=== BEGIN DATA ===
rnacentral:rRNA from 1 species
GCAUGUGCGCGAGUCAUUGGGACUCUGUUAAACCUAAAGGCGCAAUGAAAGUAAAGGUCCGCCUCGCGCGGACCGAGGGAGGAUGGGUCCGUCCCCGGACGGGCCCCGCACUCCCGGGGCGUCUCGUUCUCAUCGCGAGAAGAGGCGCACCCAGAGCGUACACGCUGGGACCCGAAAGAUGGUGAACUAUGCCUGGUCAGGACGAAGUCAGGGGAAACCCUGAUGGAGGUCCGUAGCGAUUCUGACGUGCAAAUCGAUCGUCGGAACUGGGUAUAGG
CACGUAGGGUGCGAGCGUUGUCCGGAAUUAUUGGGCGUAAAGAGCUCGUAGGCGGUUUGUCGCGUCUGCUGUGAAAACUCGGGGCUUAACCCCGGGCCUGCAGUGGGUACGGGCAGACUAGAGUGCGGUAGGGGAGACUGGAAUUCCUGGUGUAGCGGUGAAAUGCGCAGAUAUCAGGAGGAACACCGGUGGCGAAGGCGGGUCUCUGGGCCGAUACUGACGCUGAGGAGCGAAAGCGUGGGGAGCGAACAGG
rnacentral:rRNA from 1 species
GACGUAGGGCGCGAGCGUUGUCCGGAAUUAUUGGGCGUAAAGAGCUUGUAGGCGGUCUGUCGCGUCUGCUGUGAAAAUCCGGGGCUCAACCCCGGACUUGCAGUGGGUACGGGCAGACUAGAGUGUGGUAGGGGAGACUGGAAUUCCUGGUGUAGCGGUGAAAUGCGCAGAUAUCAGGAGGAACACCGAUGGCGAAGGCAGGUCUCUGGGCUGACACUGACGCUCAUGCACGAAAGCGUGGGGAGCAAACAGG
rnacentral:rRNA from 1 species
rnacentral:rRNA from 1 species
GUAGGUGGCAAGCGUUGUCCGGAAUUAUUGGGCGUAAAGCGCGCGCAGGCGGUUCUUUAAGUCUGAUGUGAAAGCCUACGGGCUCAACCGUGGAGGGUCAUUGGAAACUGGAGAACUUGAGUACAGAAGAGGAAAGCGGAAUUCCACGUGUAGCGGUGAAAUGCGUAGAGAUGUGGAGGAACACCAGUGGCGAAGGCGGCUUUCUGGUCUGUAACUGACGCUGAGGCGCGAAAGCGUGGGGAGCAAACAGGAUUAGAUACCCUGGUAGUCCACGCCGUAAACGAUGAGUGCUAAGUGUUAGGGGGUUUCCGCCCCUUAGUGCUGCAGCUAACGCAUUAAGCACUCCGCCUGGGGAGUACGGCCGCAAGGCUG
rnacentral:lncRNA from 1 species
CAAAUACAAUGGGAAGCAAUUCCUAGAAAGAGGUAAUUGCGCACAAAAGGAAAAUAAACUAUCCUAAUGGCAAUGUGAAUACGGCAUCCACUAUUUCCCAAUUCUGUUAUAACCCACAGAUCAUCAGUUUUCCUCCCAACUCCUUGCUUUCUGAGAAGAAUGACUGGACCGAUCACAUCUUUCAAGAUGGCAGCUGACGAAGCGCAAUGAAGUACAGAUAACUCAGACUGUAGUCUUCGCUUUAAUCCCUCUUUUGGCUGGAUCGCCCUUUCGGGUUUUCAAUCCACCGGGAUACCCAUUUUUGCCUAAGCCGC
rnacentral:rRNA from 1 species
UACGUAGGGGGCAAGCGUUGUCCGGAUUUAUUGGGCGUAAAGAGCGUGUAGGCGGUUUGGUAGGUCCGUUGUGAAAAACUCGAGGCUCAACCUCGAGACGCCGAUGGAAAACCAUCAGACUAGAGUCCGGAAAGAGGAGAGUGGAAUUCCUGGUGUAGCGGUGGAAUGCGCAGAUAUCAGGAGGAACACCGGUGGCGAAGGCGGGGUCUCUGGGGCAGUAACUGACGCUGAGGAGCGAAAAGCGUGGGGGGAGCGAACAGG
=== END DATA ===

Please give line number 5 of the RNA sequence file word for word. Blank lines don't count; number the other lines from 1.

GACGUAGGGCGCGAGCGUUGUCCGGAAUUAUUGGGCGUAAAGAGCUUGUAGGCGGUCUGUCGCGUCUGCUGUGAAAAUCCGGGGCUCAACCCCGGACUUGCAGUGGGUACGGGCAGACUAGAGUGUGGUAGGGGAGACUGGAAUUCCUGGUGUAGCGGUGAAAUGCGCAGAUAUCAGGAGGAACACCGAUGGCGAAGGCAGGUCUCUGGGCUGACACUGACGCUCAUGCACGAAAGCGUGGGGAGCAAACAGG